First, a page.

Magento 2: Three Final Thoughts on DI

(This post is the fifth in the “Upgrade your Magento 1 knowledge to Magento 2”; A series of posts about the major differences between Magento 1 and Magento 2. You can read the other posts in the series here.)

In this post we round-off our look at Magento 2’s Dependency Injection (DI) implementation by looking at its limitations and how to use it for class rewrites. Finally we take a look at the performance implications of DI and how Magento gets around these with the use of object proxies.


You are encouraged to use the di.xml to specify your dependencies and usually this will be enough. However, there are exceptions. What happens, however, when you require a specific object, e.g. A specific product object with specific data in it? The object manager can only instantiate generic instances of objects – it can’t provide loaded entities, so this kind of object is non-injectable. An injectable object is any object that can be instantiated by the object manager. Non-injectables cannot be instantiated by the object manager and these include database objects, objects loaded through ORM and objects which need to be instantiated with specific data which can’t be passed in through the object manager.

Non-injectable objects cannot specify other injectables in their constructors, as the recursive loading which allows the ‘automatic’ DI to work on injectable objects is not triggered. If an injectable object needs to produce non-injectable objects, the non-injectable objects’ factory class must be passed in the injectors’ constructor. The object factory class can then be used to create an instance of the non-injectable object.

Preferences as rewrites

Earlier I suggested that because Magento 2 specifies interfaces rather than concrete classes as the parameters of constructors, this allows us to specify any concrete class to implement that interface. This gives us a massive amount of flexibility when it comes to customising Magento 2. You can specify pretty much any concrete class, just so long as it implements the same interface.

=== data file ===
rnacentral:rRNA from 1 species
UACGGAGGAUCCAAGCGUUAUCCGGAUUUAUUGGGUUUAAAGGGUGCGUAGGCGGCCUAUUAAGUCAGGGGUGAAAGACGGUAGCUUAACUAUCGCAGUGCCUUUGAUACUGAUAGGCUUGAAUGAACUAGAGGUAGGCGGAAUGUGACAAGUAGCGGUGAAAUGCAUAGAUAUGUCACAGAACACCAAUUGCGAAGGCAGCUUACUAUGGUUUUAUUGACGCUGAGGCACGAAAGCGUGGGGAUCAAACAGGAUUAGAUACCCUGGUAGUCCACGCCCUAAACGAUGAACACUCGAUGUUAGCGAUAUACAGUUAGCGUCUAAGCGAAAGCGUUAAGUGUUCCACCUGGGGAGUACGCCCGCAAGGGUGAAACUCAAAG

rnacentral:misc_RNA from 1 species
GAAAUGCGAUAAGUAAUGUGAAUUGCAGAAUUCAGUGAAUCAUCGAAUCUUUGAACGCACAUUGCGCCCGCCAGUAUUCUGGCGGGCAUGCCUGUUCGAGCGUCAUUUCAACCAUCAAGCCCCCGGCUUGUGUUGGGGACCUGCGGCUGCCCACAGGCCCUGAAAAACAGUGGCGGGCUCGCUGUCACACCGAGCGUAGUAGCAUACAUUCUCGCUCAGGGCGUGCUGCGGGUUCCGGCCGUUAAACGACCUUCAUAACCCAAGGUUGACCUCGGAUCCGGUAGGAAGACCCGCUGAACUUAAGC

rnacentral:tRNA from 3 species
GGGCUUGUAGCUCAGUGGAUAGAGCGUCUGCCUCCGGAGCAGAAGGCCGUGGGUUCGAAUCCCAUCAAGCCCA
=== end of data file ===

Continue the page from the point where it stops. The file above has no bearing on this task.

In Magento 1, class rewrites took effect on a global level. If one module defined a class rewrite, then all instances of the rewritten class were replaced with an instance of the modules’ class.

In Magento 2, however, we can be more granular. If we have a Product class which specifies a StockManagementInterface class in its’ constructor, there are two ways of telling Magento 2 which class will be substituted for that interface.

We can define a preference which will tell Magento 2 to use our class whenever an instance of the StockManagementInterface is requested. This is closest to the Magento 1-style class rewrite, as it takes effect globally.

Alternatively, we can define a preference specifically for the Product object, which will tell Magento 2 to use our class only when it is requested in the constructor of the Product class. Now, whenever an instance of the Product class is requested, StockManagementInterface will be instantiated with an instance of our class. If an instance of StockManagementInterface is requested outside of the Product class, our class will not be used.

Object proxying

The auto-instantiation process works recursively. As soon as an object is requested, the object manager determines its’ dependencies and then goes through that chain and recursively instantiates the object and all the objects it depends on and all the objects that they depend on and so on. This can quickly become a very resource-intensive process, especially if there are dozens of objects defined. In order to reduce this burden, Magento uses a combination of reflection, code generation and object proxying to speed up this process and make it more efficient.

An object proxy is an instance of a wrapper class which extends from another base class. The benefit of using proxy classes is that they can be instantiated without instantiating a base class. If the base class takes a long time to instantiate, then this can have a negative impact on performance. The base class of a proxy class is only instantiated when any of the its’ methods are called, so if they are only used during some execution paths, this can have a marked improvement on performance.

You don’t need to write the wrapping proxy class and override all the methods yourself, fortunately. Whenever you specify a proxy class using type hinting in the parameters of a constructor list, Magento 2 will generate the proxy class for you. Proxy classes are generated alongside other classes, including factories, interceptors and builders and then stored in the var/generated directory.

When running in developer mode, the class Magento\Framework\ObjectManager\Definition\Runtime uses Reflection to read constructor signatures, which are then used by the object manager to auto-instantiate objects and all their dependencies every time they are requested. In production mode, this process of reading constructor signatures is only done once and the results are then cached in the var/di directory. The class Magento\Framework\ObjectManager\Definition\Runtime is then used by the object manager to auto-instantiate classes, resulting in performance gains.

Both code generation and definitions are generated either by switching into production mode or by executing the setup:di:compile console tool command.

Well, I think that’s enough for this post. Next time we’ll continue our journey through the new features of Magento 2 and the major changes between both versions.


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